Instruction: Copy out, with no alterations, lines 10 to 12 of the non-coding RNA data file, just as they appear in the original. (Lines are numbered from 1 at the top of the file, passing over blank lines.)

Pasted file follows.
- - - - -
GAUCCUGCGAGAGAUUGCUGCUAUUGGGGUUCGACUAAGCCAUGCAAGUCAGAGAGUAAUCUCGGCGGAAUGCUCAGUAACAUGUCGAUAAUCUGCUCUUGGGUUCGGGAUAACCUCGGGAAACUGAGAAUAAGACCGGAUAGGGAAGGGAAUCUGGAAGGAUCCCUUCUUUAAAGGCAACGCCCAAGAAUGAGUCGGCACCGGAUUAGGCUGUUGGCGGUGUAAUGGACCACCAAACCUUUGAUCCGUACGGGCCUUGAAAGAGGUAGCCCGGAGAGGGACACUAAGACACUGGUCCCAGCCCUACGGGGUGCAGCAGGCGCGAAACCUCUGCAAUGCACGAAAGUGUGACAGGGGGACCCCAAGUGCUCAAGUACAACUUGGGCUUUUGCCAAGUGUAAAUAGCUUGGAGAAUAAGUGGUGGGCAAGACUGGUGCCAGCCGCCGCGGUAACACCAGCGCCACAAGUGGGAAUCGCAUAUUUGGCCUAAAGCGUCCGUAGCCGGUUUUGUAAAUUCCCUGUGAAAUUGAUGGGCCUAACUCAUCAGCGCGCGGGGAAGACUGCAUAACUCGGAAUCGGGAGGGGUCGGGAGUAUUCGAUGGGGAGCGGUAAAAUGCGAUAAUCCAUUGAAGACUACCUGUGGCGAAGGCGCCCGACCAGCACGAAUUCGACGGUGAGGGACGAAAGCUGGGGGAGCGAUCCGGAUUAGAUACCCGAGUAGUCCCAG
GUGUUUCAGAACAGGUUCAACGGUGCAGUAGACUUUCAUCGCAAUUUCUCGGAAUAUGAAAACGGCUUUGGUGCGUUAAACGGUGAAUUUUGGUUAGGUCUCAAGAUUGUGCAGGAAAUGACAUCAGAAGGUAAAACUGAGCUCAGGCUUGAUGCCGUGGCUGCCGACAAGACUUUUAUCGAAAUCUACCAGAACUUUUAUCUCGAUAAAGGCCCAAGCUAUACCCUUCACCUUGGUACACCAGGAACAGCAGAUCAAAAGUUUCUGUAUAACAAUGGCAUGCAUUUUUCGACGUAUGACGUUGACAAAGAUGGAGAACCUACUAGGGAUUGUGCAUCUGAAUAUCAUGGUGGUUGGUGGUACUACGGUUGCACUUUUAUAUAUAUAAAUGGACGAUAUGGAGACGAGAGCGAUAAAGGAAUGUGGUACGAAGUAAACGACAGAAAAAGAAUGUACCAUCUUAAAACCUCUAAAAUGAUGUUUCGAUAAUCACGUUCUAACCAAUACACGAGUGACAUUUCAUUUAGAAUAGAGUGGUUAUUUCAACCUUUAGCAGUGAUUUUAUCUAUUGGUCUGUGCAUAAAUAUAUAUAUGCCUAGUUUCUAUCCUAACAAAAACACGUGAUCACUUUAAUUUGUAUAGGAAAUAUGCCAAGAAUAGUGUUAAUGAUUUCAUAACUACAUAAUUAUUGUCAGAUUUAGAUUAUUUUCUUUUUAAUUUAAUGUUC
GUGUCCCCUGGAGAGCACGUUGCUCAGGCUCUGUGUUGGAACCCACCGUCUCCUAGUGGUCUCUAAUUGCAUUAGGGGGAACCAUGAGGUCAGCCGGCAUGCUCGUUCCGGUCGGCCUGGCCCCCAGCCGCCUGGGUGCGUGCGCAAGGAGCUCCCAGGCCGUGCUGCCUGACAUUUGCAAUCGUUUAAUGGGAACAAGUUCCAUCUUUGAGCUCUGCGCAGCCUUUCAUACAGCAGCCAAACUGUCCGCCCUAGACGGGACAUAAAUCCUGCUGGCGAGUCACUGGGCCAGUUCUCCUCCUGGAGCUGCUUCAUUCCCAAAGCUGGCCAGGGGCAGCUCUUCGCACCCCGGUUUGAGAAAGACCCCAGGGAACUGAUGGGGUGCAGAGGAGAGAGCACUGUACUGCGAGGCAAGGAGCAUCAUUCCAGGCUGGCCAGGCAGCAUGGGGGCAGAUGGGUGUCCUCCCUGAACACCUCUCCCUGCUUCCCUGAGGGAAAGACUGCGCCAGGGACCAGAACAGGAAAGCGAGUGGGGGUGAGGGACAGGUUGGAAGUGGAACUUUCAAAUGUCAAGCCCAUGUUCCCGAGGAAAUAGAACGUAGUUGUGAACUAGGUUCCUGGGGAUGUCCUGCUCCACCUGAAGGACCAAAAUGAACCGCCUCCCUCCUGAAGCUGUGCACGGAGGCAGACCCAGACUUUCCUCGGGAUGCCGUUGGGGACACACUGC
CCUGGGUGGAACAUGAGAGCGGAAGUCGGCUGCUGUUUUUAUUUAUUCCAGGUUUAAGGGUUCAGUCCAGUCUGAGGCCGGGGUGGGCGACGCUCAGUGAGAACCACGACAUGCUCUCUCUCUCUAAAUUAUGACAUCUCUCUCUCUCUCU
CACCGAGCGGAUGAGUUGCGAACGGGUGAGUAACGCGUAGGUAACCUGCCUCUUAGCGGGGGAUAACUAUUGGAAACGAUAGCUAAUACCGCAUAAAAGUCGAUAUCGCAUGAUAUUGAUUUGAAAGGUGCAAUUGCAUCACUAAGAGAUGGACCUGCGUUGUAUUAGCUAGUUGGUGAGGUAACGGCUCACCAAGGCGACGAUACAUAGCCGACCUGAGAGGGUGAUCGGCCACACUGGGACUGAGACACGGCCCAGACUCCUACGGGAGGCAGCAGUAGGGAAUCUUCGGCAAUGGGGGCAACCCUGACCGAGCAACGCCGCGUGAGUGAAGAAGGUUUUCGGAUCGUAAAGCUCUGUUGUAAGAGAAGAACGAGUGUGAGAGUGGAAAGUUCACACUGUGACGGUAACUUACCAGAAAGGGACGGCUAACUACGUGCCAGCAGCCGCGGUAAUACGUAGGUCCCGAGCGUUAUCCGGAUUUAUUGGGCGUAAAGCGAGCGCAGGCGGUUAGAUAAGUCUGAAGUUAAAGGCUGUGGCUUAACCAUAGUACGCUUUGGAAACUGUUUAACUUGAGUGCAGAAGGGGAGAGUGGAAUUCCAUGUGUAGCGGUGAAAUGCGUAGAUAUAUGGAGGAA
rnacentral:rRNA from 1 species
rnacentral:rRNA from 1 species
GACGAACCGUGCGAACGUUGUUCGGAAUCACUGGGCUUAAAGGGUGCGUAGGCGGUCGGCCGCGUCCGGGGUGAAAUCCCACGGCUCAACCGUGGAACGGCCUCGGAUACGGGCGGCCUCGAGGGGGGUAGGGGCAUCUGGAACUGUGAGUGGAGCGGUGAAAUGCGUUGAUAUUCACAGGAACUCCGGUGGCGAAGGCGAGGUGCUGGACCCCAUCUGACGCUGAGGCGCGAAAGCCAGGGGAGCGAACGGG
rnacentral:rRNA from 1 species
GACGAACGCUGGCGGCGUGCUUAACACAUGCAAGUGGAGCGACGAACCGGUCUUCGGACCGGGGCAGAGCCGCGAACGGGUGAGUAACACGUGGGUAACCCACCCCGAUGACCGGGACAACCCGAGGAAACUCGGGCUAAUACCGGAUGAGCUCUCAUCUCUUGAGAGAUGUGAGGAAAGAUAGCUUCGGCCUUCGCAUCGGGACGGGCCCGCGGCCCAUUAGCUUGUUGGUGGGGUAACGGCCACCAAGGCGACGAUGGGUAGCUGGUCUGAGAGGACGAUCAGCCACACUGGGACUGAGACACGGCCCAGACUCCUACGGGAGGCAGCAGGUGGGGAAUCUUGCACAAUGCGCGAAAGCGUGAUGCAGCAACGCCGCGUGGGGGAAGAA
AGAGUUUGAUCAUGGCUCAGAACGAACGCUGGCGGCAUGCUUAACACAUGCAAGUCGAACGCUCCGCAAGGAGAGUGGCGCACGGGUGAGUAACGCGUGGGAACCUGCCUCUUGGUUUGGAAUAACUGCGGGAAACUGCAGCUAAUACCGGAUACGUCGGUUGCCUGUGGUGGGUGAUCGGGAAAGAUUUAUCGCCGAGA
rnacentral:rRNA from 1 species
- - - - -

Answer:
GACGAACGCUGGCGGCGUGCUUAACACAUGCAAGUGGAGCGACGAACCGGUCUUCGGACCGGGGCAGAGCCGCGAACGGGUGAGUAACACGUGGGUAACCCACCCCGAUGACCGGGACAACCCGAGGAAACUCGGGCUAAUACCGGAUGAGCUCUCAUCUCUUGAGAGAUGUGAGGAAAGAUAGCUUCGGCCUUCGCAUCGGGACGGGCCCGCGGCCCAUUAGCUUGUUGGUGGGGUAACGGCCACCAAGGCGACGAUGGGUAGCUGGUCUGAGAGGACGAUCAGCCACACUGGGACUGAGACACGGCCCAGACUCCUACGGGAGGCAGCAGGUGGGGAAUCUUGCACAAUGCGCGAAAGCGUGAUGCAGCAACGCCGCGUGGGGGAAGAA
AGAGUUUGAUCAUGGCUCAGAACGAACGCUGGCGGCAUGCUUAACACAUGCAAGUCGAACGCUCCGCAAGGAGAGUGGCGCACGGGUGAGUAACGCGUGGGAACCUGCCUCUUGGUUUGGAAUAACUGCGGGAAACUGCAGCUAAUACCGGAUACGUCGGUUGCCUGUGGUGGGUGAUCGGGAAAGAUUUAUCGCCGAGA
rnacentral:rRNA from 1 species